1. What are wisdom teeth and why are they so often removed?

    30th August 2012 by thecourtyardclinic

    They are the last teeth to develop and the last to appear as we reach maturity. Sometimes they don’t appear, but become impacted inside the jaw. This occurs because our jawbones have a finite amount of space for teeth, and since wisdom teeth are the last to erupt, there might not be enough space left for them.

    When there is a space problem and poor alignment or impaction, it is usually best to remove the wisdom teeth, preventing future problems that could include infection in the jaw or premature loss of the healthy teeth ahead of the wisdom teeth.
    Some people believe that impacted wisdom teeth can cause the lower teeth to start to cross over and become misaligned, but this has never been proven to be the case.


  2. How can I deal with continual bad breath?

    20th August 2012 by thecourtyardclinic

    By practicing good dental hygiene. Brush after eating, and floss daily.
    Bad breath is the odor of certain sulphur compounds, which are created by bacteria in the mouth. Brushing and flossing will remove bacteria, but the mouth is never entirely free of bacteria, and they multiply if left to themselves. That’s why you must brush and floss often.
    Include your tongue when you brush, especially the back area where a mucus layer develops that hides bacteria.
    If you have a dry mouth, consult a dentist on how to increase the saliva flow. Adequate saliva benefits us by cleaning the mouth, removing particles that can create odour.


  3. Happy patient!

    15th August 2012 by thecourtyardclinic

    Dear Alison,

    Please pass on my thanks to Doctor George for today’s appointment (although of course, all of my treatment appointments have been impressive) and her dedication to my cause. I really appreciate the time and attention that is always given to my teeth (and me!).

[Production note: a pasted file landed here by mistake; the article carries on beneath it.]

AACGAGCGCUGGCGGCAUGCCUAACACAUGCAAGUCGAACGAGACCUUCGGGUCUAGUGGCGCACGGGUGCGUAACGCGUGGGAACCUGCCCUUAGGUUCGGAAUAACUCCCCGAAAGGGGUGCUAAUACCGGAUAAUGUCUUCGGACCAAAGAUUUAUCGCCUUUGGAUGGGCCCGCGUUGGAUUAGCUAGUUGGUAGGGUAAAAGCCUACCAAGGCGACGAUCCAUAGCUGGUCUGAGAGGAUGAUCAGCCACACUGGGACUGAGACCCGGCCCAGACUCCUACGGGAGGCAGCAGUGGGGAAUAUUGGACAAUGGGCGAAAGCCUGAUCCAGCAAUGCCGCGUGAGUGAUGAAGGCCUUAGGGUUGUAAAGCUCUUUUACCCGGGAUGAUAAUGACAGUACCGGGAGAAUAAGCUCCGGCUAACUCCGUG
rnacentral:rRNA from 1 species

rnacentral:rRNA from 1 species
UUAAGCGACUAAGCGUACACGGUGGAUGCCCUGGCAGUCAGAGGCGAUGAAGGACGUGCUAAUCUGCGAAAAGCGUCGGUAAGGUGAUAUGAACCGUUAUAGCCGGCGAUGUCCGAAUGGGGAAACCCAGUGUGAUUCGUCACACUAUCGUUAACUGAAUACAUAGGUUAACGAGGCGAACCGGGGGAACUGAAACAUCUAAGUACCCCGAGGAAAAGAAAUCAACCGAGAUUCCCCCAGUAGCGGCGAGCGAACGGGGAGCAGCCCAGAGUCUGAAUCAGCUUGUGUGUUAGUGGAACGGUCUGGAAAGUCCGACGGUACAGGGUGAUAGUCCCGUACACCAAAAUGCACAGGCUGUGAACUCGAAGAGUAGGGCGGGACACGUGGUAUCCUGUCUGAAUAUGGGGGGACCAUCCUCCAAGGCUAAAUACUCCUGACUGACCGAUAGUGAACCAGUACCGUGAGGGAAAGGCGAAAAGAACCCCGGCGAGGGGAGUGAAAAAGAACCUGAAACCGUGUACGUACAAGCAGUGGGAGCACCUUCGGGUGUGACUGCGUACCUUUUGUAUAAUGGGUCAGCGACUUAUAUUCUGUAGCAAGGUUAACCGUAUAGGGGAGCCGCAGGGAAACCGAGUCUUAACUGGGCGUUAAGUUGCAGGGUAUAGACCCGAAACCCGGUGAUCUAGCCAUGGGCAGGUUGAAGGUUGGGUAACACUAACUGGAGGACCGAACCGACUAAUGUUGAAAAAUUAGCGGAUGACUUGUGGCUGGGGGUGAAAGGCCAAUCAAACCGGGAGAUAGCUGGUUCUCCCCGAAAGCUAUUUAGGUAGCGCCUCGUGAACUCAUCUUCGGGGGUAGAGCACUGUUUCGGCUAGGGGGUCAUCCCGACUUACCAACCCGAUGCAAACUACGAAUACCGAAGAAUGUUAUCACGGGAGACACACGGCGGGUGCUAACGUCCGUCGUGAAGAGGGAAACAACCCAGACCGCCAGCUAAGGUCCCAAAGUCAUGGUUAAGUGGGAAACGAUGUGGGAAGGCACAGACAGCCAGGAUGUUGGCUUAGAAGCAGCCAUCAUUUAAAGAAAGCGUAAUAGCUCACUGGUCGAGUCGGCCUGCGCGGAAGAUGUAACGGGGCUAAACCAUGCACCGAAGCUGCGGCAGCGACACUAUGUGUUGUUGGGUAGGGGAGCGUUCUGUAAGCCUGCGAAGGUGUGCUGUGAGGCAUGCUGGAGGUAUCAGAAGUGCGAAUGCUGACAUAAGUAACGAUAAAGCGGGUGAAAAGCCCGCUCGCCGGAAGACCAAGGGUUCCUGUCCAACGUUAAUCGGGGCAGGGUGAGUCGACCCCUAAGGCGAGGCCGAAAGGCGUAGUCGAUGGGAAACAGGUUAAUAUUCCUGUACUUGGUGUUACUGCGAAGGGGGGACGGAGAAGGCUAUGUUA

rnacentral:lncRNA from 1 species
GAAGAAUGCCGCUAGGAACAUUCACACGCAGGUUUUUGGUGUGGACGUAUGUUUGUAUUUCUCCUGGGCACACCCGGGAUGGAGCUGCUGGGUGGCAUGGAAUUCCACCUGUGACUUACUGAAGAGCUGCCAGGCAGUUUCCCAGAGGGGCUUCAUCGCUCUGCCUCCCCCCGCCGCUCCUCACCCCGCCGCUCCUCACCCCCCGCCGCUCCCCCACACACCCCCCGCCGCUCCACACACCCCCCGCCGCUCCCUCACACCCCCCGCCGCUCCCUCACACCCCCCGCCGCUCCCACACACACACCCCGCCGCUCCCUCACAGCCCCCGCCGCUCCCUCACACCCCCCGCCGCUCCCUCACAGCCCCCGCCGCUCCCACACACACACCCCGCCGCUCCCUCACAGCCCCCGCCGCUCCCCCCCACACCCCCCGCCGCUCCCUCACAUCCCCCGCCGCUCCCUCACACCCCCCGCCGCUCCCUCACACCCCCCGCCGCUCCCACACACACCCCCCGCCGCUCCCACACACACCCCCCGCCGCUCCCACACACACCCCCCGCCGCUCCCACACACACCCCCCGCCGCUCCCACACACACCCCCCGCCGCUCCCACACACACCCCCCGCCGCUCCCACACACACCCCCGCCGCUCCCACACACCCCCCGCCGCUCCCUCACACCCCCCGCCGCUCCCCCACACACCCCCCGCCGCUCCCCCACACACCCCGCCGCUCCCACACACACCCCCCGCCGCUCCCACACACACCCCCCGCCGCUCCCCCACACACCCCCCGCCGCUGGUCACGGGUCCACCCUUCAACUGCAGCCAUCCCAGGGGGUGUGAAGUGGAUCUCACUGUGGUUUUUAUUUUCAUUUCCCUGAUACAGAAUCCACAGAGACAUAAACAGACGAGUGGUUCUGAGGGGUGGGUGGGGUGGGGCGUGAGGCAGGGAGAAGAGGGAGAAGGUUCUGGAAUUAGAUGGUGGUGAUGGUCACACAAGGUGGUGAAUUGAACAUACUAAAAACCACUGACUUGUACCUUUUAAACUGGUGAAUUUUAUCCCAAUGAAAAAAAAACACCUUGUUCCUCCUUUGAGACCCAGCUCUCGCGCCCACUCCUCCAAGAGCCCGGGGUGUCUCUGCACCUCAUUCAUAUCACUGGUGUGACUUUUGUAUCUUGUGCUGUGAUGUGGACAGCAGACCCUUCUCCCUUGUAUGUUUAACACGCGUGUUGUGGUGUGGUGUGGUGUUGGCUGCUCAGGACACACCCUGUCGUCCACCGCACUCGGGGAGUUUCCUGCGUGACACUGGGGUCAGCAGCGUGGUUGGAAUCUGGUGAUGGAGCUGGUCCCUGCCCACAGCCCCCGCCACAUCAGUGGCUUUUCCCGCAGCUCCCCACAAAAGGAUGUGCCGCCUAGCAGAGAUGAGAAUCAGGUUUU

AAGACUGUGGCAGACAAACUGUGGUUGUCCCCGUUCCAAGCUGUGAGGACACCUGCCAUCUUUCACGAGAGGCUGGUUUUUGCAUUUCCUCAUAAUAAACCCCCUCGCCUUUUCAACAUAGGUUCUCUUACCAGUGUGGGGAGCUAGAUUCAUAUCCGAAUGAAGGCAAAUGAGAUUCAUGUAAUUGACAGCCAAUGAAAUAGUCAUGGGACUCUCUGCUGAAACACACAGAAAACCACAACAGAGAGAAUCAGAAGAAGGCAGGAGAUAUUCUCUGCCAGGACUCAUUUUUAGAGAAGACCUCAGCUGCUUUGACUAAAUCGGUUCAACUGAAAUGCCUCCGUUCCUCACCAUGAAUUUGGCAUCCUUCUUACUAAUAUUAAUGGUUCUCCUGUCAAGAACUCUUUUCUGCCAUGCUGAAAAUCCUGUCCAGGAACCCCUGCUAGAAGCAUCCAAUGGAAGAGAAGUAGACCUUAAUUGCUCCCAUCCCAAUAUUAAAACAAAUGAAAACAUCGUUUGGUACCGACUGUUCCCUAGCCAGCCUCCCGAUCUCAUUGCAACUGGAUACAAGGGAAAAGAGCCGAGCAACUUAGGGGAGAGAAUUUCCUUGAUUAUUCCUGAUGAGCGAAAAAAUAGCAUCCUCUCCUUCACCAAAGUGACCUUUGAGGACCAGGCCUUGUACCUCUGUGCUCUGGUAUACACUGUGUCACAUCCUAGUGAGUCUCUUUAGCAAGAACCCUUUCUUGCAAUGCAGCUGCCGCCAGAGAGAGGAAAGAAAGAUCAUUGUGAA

Thank you to Sue and you yourself, who always make me feel relaxed and manage to raise more than a few laughs from me!

    Feamle, Chertsey


  4. What's the best way to keep my teeth clean?

    by thecourtyardclinic

    Regular brushing and flossing is the basis of good dental hygiene. Brushing should be two or three times a day, preferably after each meal, though flossing can be done just at bedtime. Use only a medium (not hard) toothbrush.
    See your dental hygienist every 4-6 months. However, due to certain gum conditions some individuals may require a more frequent cleaning schedule. Brushing and flossing, if done faithfully, will remove most plaque, (that sticky film that continuously forms over our teeth) but any that remains will harden into tartar, which cannot be brushed off. The hygienist will remove it, along with accumulated stains from coffee, soda, tea, tobacco and red wine (the most common staining culprits).

    What causes gum disease?
    Most often, it is poor dental hygiene. When the teeth and gums are not kept clean enough, plaque builds up. Plaque holds bacteria. At some point, the bacteria get in between the teeth and the gums and cause an infection. As the infection progresses, pockets form, resulting in spaces between the teeth and gums.

    Now there is an established cycle, which is hard to break. Bacteria create pockets. The pockets hold bacteria, which multiply and enlarge the pockets, enabling more bacteria to dwell there. Infection develops. This starts out as gingivitis, and it’s the early stage of gum disease.
    You’ll notice it because the gums become red and swollen and may bleed while brushing or flossing. Regular visits with your hygienist combined with impeccable home care breaks this cycle and creates an environment for healthy gums.


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